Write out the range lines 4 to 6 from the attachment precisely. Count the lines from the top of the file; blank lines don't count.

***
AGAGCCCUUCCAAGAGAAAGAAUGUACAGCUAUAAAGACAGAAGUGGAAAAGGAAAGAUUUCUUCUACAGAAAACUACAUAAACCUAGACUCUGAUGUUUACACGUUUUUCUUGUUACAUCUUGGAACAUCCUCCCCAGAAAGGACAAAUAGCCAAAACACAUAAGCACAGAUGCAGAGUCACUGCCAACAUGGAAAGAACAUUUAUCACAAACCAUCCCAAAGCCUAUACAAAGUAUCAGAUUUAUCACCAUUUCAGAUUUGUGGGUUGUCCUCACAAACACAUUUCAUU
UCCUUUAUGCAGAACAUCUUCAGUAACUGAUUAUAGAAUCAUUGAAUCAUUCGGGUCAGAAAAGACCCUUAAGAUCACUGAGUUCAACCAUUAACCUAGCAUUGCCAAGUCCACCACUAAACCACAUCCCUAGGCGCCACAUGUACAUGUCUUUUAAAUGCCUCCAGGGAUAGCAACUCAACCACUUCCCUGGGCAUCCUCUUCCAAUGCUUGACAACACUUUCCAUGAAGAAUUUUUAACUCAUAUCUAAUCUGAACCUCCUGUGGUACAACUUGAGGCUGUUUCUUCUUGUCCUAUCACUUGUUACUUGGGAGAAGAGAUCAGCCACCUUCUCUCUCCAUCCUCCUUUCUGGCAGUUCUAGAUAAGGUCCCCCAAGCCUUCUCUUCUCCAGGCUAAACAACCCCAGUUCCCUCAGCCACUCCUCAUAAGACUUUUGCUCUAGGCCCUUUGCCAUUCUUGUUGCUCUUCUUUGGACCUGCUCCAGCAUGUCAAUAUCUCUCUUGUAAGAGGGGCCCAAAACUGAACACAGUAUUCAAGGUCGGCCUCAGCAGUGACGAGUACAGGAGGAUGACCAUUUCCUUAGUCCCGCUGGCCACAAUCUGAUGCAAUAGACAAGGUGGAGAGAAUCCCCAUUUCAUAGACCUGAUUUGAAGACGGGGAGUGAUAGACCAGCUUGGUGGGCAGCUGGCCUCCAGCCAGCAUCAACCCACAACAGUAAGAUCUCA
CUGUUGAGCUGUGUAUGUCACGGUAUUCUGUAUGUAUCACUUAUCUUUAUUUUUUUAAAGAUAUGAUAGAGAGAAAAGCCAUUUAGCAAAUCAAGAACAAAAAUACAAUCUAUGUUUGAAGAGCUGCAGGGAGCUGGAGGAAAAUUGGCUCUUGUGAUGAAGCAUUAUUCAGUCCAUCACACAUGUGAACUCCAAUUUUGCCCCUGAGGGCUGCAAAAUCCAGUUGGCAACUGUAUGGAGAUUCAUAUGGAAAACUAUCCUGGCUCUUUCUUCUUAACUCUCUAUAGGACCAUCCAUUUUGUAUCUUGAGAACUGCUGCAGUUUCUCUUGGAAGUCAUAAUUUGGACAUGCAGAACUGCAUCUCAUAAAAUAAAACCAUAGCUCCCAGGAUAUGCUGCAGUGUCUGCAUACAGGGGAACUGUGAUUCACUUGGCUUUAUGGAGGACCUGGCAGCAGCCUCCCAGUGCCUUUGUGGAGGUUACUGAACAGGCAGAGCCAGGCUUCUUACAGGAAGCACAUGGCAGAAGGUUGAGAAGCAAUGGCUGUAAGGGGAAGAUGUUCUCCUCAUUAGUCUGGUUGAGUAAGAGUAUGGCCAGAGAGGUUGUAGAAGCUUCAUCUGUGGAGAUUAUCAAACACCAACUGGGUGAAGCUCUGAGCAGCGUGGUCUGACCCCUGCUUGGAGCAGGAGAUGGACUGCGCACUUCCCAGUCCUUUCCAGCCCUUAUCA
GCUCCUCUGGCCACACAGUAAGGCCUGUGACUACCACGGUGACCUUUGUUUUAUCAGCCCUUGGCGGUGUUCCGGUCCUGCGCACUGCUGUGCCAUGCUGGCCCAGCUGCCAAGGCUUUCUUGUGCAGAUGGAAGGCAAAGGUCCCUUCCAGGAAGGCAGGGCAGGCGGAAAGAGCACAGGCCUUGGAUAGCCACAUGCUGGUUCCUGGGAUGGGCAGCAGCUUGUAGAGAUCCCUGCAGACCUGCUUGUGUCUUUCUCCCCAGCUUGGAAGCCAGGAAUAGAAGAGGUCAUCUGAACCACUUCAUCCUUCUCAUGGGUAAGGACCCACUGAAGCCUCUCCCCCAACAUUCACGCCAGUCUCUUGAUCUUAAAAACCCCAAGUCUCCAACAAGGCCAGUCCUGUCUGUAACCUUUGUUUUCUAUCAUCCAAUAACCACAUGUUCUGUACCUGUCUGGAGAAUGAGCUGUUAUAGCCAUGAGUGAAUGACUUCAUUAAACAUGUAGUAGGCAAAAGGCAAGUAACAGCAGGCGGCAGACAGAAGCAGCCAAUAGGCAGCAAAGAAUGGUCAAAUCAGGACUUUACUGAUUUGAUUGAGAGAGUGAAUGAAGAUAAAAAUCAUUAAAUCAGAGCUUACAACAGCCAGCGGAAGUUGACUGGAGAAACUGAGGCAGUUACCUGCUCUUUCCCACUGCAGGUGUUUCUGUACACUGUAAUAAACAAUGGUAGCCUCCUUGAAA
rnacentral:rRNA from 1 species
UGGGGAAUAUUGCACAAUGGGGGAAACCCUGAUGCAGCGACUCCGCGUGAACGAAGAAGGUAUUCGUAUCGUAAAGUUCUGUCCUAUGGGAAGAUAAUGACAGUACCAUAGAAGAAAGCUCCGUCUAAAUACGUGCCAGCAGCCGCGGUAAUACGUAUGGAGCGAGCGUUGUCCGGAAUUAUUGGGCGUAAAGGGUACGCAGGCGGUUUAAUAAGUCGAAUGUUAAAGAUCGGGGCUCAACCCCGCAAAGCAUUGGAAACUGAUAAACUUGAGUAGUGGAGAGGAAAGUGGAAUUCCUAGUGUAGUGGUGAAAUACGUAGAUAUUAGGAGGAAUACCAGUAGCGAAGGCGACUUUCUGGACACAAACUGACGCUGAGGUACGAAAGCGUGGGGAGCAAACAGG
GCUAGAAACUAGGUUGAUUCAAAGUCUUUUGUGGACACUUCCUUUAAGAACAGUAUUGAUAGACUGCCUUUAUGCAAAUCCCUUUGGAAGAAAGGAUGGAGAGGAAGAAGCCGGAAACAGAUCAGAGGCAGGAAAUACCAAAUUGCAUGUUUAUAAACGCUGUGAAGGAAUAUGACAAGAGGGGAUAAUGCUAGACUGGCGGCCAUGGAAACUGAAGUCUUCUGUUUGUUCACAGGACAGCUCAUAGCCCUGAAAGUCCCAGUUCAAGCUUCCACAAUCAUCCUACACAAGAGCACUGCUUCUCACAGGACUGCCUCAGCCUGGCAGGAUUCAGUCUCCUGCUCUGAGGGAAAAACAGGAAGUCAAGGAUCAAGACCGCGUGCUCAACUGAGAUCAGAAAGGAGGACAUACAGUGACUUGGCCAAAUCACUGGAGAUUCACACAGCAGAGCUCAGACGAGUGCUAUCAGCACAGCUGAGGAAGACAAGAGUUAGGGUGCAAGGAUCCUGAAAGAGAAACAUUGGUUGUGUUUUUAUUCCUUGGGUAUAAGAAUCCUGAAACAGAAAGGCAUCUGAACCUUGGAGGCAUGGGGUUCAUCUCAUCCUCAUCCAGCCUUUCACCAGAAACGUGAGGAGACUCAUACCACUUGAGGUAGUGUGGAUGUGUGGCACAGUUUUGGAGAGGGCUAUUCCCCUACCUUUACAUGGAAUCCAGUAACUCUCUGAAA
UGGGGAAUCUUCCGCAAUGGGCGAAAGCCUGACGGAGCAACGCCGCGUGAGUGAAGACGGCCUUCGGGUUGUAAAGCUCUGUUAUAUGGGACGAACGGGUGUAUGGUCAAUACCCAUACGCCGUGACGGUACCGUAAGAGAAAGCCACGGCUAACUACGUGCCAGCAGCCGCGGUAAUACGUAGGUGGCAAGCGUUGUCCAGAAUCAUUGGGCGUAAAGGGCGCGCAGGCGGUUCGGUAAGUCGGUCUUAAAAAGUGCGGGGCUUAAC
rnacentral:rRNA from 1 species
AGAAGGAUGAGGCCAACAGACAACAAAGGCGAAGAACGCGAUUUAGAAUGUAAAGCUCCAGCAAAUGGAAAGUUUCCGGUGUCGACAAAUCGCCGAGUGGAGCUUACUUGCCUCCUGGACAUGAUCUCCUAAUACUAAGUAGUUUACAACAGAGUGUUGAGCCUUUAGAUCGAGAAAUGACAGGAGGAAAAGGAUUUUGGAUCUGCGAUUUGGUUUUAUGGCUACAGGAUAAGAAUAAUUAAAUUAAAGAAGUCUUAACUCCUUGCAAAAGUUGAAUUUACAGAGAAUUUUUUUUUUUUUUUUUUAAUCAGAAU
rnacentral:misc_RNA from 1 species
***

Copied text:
GCUCCUCUGGCCACACAGUAAGGCCUGUGACUACCACGGUGACCUUUGUUUUAUCAGCCCUUGGCGGUGUUCCGGUCCUGCGCACUGCUGUGCCAUGCUGGCCCAGCUGCCAAGGCUUUCUUGUGCAGAUGGAAGGCAAAGGUCCCUUCCAGGAAGGCAGGGCAGGCGGAAAGAGCACAGGCCUUGGAUAGCCACAUGCUGGUUCCUGGGAUGGGCAGCAGCUUGUAGAGAUCCCUGCAGACCUGCUUGUGUCUUUCUCCCCAGCUUGGAAGCCAGGAAUAGAAGAGGUCAUCUGAACCACUUCAUCCUUCUCAUGGGUAAGGACCCACUGAAGCCUCUCCCCCAACAUUCACGCCAGUCUCUUGAUCUUAAAAACCCCAAGUCUCCAACAAGGCCAGUCCUGUCUGUAACCUUUGUUUUCUAUCAUCCAAUAACCACAUGUUCUGUACCUGUCUGGAGAAUGAGCUGUUAUAGCCAUGAGUGAAUGACUUCAUUAAACAUGUAGUAGGCAAAAGGCAAGUAACAGCAGGCGGCAGACAGAAGCAGCCAAUAGGCAGCAAAGAAUGGUCAAAUCAGGACUUUACUGAUUUGAUUGAGAGAGUGAAUGAAGAUAAAAAUCAUUAAAUCAGAGCUUACAACAGCCAGCGGAAGUUGACUGGAGAAACUGAGGCAGUUACCUGCUCUUUCCCACUGCAGGUGUUUCUGUACACUGUAAUAAACAAUGGUAGCCUCCUUGAAA
rnacentral:rRNA from 1 species
UGGGGAAUAUUGCACAAUGGGGGAAACCCUGAUGCAGCGACUCCGCGUGAACGAAGAAGGUAUUCGUAUCGUAAAGUUCUGUCCUAUGGGAAGAUAAUGACAGUACCAUAGAAGAAAGCUCCGUCUAAAUACGUGCCAGCAGCCGCGGUAAUACGUAUGGAGCGAGCGUUGUCCGGAAUUAUUGGGCGUAAAGGGUACGCAGGCGGUUUAAUAAGUCGAAUGUUAAAGAUCGGGGCUCAACCCCGCAAAGCAUUGGAAACUGAUAAACUUGAGUAGUGGAGAGGAAAGUGGAAUUCCUAGUGUAGUGGUGAAAUACGUAGAUAUUAGGAGGAAUACCAGUAGCGAAGGCGACUUUCUGGACACAAACUGACGCUGAGGUACGAAAGCGUGGGGAGCAAACAGG